Discipline felt like a great spec for leveling because I never felt the need to constantly heal myself or sit and drink between pulls. I did feel like I killed things a bit slower than I did as holy though.
Part Two : The Holy Spec
Pros: Feels like it hits harder than Discipline; bigger heals when needed; fun chakra states; Chastise!!!
Cons: Less mana efficient; smaller bubbles lead to more push back; no smite heals or power word: barrier /sad panda
Divine Fury (3/3) – Because who wants a slow smite?
Improved Renew (2/2) – Now with 10% more healing to keep you alive after the bubble fails!
Empowered Healing (3/3) – As a holy priest, you’ll be healing yourself more than your discipline counterparts (damn them and their bubble mastery!)
Surge of Light (2/2) – Free instant heals that proc when I cast smite?! Yes, please!
Inspiration (2/2) – Damage reduction is always helpful while soloing.
*Editor’s Note* Yes, you can take Desperate Prayer (the instant self heal with a 2 minute cooldown), but I happen to prefer to put my points elsewhere since I already have 2 free heals from being a Draenei herbalist.
Holy Concentration (2/2) – As a holy priest, smiting isn’t exactly mana friendly, so the more in combat regeneration, the better!
Lightwell (1/1) – I found in the beta that if I put this in the middle of a group of mobs and then pulled them to me one at a time, I used a lot mess mana healing myself than alternating smite with heal.
Tome of Light (2/2) – The more often I can stun an enemy with Chastise and prevent them from hitting me, the happier I am!
Spirit of Redemption (1/1) – The iconic holy priest flail angel! How could you NOT take it?
Serendipity (2/2) – When you’re really in a pickle, and flash heals just aren’t doing the trick, a quick greater heal is just the pick-me-up you need!
*Editor’s Note* Tier 4 for holy priest doesn’t offer much by way of offensive or defensive spells. If there are other talents in earlier tiers, go for them! I’m a sucker for nostalgia and nothing quite makes me think of a holy priest as much as Spirit of Redemption.
Body and Soul (2/2) – When you absolutely, positively have to get there on time! (Or cleanse a poison….)
Chakra (1/1) – Chakra: Smite is an integral part of a holy priest’s arsenal while soloing, increasing damage done by holy and shadow spells by 15%
Revelations (1/1) – Switching your Holy Word: Chastise to correspond with your chakra state. I found it helpful to enter the prayer of healing chakra during certain encounters so that I was able to use Holy Word: Sanctuary as a boost to my survivability.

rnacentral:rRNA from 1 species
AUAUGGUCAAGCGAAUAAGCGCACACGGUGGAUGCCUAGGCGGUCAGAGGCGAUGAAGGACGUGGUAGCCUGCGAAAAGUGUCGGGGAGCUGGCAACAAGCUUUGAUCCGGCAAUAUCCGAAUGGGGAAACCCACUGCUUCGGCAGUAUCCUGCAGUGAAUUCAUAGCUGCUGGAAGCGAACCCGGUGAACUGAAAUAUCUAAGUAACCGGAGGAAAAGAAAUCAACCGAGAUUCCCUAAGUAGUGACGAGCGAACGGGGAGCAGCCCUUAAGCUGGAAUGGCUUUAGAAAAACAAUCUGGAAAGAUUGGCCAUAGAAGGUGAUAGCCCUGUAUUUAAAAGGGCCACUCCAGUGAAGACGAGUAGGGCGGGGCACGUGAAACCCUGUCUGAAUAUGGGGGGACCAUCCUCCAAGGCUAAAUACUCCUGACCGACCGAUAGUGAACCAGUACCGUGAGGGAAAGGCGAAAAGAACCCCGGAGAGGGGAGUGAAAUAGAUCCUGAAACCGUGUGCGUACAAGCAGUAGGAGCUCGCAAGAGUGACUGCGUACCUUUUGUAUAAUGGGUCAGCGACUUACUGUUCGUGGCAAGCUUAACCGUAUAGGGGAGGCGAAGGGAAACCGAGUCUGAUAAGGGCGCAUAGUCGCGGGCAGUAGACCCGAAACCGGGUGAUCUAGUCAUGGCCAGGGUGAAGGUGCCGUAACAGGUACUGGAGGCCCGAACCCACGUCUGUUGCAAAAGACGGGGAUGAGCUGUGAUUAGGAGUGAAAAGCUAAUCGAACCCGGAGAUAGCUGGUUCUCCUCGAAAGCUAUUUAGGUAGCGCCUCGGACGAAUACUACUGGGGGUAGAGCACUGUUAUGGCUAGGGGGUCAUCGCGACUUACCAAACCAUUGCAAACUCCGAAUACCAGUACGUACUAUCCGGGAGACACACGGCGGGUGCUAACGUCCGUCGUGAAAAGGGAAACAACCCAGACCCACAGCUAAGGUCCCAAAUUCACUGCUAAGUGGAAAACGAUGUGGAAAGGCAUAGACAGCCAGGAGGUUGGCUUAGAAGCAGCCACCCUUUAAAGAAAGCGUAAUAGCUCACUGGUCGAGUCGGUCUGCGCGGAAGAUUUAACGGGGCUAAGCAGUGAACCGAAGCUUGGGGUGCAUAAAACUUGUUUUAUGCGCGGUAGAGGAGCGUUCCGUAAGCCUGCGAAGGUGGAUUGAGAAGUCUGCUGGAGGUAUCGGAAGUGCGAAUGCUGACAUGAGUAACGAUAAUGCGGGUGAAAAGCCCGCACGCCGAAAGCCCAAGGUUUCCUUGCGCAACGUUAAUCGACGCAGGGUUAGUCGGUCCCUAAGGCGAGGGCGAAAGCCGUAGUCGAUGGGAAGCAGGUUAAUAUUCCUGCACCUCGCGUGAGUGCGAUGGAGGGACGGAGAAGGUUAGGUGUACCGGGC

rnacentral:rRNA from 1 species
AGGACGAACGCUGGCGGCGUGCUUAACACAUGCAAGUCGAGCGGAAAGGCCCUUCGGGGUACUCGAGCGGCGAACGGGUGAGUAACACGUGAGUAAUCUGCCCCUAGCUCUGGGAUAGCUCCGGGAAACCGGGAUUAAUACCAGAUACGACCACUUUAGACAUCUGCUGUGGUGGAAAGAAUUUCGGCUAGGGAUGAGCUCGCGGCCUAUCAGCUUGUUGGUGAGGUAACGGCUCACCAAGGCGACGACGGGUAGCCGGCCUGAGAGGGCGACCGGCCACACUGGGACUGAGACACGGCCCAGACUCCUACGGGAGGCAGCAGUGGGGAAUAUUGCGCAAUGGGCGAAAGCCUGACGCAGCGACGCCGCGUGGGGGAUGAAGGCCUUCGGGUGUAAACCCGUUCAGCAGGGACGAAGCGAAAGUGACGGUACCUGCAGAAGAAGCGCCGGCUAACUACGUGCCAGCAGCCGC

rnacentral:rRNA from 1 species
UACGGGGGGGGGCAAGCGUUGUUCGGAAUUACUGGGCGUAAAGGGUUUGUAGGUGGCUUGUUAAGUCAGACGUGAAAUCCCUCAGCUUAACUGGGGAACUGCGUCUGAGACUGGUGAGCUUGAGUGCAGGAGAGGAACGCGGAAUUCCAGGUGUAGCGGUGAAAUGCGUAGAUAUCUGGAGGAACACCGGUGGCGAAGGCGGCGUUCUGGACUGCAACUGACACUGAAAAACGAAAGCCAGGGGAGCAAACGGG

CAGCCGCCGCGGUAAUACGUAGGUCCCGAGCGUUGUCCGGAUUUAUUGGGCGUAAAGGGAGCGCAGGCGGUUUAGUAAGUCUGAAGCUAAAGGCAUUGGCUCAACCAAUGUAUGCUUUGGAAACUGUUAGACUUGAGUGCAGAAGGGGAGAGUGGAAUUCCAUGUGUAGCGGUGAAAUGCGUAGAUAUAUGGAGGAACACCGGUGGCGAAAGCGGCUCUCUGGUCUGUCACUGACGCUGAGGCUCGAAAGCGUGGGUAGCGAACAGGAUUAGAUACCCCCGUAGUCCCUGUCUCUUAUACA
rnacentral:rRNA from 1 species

Blessed Resilience (2/2) – Like Focused Will, it’s dependent on taking 10% of your health in damage in one hit, which isn’t especially hard to do as a clothie. Another good talent for staying alive while questing.
Test of Faith (2/3) – Increased healing when you’re below 50% health (it’s surprising how much harder it is to fill your health bar once it’s crossed the half-way point).
State of Mind (2/2) – Now you don’t have to worry about your smite chakra falling away so easily!
Circle of Healing (1/1) – Because it’s fun, instant, and I love it!
Guardian Spirit (1/1) – The ultimate “oh crap” button. Saving yourself from certain death when nothing else will!
Wait, what about all the extra points I have?!
I like going into any of the shadow talents above (especially veiled shadows because I find my shadowfiend to be a helpful companion in taking down the resilient cataclysm mobs). There’s also the option of branching into Discipline for Twin Disciplines and Improved Shields.
Leveling as a holy priest requires a lot more active healing than as a discipline priest. Bubbles seem to run out a lot faster than I had expected or gotten used to in Wrath. That being said, the smites do hit harder, and the chastise goes a long way in dealing with mobs. The best pattern I found for effective holy priest leveling in the beta was to cast two offensive spells, then a heal and repeat that pattern (putting up power word:shield and chastising whenever available) until the mob dies.
The glyphs for both specs are actually quite similar. I like using whichever Prime Glyphs are my favorites (for Discipline, it’s Barrier, Shield and Penance and for Holy it’s Guardian Spirit, Renew and Lightwell), and focusing on the major glyphs to take care of my smites – Divine Accuracy (so I don’t miss often), Smite (so I do more damage) and Psychic Scream (so I can have another way of keeping mobs from hitting me without accidentally aggroing more).
So this is my tentative plan for Cataclysm’s release on Tuesday. I’m pretty confident that I can level as a healer to 85 without chain running instances (I’ve done it before), and it’ll be one of those fun challenges I’ll look back on fondly once it’s over.
Or I’ll realize how absurd I’ve been acting. One or the other….
How are you all changing your specs around to accommodate your leveling styles?
My little not-so-little hunter and her bestest friend Desja, managed to make it out to Howling Fjord other night. But alas, it was time to cook dinner, so the little mage had to entertain herself while the hunter went off to the kitchen to make them some delicious baked potato soup. But a soup of that tastitude takes quite some time to make, even though the hunter came back every now and again to make sure her new puppy was still happy. She found the puppy and the mage were in cahoots, determined to wreak havoc in the dwarven inn they were resting their tired heals!
When Hiacynthe came back from the sweltering kitchen, Desja was no where to be found! She searched at gnome level for nearly a quarter hour before Penelope barked cheerfully at the doorway. Hiacynthe slowly lifted her gaze much, much higher, and found the cheeky mage giggling from a top the doorway.